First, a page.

Review by Elizabeth Bales Frank
The early death of a mother has been described as “the loss that lives forever.” The abandonment by one leaves a child to grow up in a life that loses forever. Abandonment, whether through drugs, alcohol or another pull that beguiles a mother from her maternal role, inflicts a specific pain on a child, since the briefest pulse of parental attention resurrects hope of a stronger connection and teaches a starving child to live on crumbs.
That concept is not always metaphorical, as evidenced by Irene Hoge Smith in her poignant memoir The Good Poetic Mother: A Daughter’s Memoir (IP Books, New York, 2001). Smith is the second daughter in a group of four girls born to spectacularly mismatched parents who met in the Signal Corps during World War II and carried the conflict, but not the communication skills, into their fragile marriage. From a very early age, during one of her parents’ many marital separations, Smith and her older sister Patti fend for themselves, searching empty cupboards for cereal in the mornings while their mother Frances “slept through the alarm, unable to organize breakfast and school clothes or to face the day.”
Frances neglects her house, her children, herself. During her good spells, she is an activist, protesting Jim Crow and McCarthyism. When the father returns home from one separation and enrolls in graduate school, two more daughters are born and the family play-acts for a time as a middle-class, left-leaning family in Ann Arbor, Michigan, until another further acrimony divides them again.
At the divorce hearing, the father is granted custody of the three remaining daughters – at 17, Patti ran away– prompting Smith to wonder how her mother was shoved aside so easily: “How could the judge know about the lovers, the filthy house, the feral children?” Frances chooses California and a hardscrabble life as a poet, while Smith joins her father in Washington, D.C., with the “little ones,” as she refers to her younger sisters, as though they are her charges, as indeed, they do become.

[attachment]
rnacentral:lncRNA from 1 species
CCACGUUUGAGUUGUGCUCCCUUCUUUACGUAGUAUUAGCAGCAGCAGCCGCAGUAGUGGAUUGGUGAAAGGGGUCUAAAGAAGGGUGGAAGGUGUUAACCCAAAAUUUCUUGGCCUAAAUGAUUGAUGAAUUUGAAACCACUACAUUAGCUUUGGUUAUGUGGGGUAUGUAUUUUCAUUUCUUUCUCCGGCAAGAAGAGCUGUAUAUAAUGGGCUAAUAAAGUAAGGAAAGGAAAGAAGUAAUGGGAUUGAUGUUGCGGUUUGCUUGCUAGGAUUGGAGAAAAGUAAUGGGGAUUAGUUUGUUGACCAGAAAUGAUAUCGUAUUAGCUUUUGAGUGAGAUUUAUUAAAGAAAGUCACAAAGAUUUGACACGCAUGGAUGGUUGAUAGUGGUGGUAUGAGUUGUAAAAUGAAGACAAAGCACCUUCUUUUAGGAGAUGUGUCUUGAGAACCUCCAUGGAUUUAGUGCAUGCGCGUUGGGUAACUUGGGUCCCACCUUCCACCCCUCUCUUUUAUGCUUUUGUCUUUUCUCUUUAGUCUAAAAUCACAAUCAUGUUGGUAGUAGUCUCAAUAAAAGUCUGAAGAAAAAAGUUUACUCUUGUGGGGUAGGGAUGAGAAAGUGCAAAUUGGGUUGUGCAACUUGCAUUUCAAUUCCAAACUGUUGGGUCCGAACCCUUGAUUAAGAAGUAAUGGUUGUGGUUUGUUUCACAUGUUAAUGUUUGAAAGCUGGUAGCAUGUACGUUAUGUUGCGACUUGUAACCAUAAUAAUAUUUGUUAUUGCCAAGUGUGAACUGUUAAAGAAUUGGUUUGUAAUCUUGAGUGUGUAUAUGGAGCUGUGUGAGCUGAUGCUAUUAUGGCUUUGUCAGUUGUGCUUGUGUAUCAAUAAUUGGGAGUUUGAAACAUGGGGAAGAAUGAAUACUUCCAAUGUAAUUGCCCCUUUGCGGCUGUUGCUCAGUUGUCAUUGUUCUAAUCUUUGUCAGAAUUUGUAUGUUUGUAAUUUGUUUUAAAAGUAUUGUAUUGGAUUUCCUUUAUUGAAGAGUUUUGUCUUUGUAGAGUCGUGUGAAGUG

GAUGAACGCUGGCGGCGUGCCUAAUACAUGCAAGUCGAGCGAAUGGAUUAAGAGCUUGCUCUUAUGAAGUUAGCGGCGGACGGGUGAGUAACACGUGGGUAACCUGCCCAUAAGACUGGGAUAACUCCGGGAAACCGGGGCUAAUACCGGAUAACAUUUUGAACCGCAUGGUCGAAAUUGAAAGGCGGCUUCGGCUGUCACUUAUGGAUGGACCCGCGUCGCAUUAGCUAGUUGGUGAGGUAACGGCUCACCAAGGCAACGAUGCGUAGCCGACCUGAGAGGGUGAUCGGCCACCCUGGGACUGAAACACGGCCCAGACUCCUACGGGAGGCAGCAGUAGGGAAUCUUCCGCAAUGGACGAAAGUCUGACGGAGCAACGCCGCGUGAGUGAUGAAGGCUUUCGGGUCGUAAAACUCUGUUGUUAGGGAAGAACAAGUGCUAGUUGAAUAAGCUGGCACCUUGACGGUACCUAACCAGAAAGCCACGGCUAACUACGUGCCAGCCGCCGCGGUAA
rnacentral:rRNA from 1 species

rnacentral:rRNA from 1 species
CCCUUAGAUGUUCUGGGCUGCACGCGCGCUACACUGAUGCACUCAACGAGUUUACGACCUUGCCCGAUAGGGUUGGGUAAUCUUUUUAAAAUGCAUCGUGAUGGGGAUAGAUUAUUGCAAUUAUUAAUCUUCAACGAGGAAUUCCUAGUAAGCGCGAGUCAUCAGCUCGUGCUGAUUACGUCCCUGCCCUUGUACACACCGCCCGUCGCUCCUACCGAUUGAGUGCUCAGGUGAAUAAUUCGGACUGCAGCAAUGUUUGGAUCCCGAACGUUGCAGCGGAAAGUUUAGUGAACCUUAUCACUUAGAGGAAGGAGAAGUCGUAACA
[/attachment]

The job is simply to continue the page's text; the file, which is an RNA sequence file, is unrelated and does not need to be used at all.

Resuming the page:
These early days, of moving home, cold, dirty houses, feuding parents, are recounted in a manner more logistical than emotional and the reader may long for full-blown dramatic scenes. The few that occur are based outside the family: a neighbor sneers that Smith’s father should better tend to a wife who is “off her rocker,” a teacher humiliates Smith for her messy clothes. But the teenaged Smith, displaced into a strange city as a de facto nanny to “the little ones,” reflects on how she has learned to shut down as a survival tool:
“I worried some, even at fifteen, about the long-term effectiveness of this surprisingly-easy deliberate forgetting. [My mother] was gone, and I had to find a way to keep going. What I couldn’t have understood, and wouldn’t fully recognize until after she died, is that I was doing exactly what she herself had done. Once she’d given up trying to take care of her daughters, and after the papers she had signed turned out to give us all to our father, she began to consider that part of her life as irretrievable, irrevocably in the past. She couldn’t think about what she’d left behind and face going on with her life.”
Smith’s detached guidance through the scorched earth landscape Frances left her to navigate makes the situation come all the more alive for the reader. A practicing therapist, Smith does not fall into the easy temptation of diagnosing her mother, but instead lays out the facts, allowing the reader to rage and grieve in her stead. In California, Frances refashions herself as the poet FrancEyE, and takes up with the poet Charles Bukowski, who describes her in a poem as someone who “has hurt fewer people than anybody I know . . .” Frances has a child by him and raises her. “The one daughter,” Smith muses, “that she was able to mother.”
As an adult, Smith founders then flourishes, detaches and confronts, and eventually negotiates a détente with her mother, whose carapace of “deliberate forgetting” cracks but never breaks. Smith earns a kind of Hollywood ending when she delivers a bracing but fair eulogy at a memorial tribute for FrancEyE held by her Bay Area community of admirers. The book begins with Smith sorting through boxes of her mother’s papers but this memoir is less the work of an archivist than that of a sculptor, chipping at excess to reveal the true, hard, beautiful vision within. Her ability to tell her story in this particular manner is her own reward, as well as the reader’s.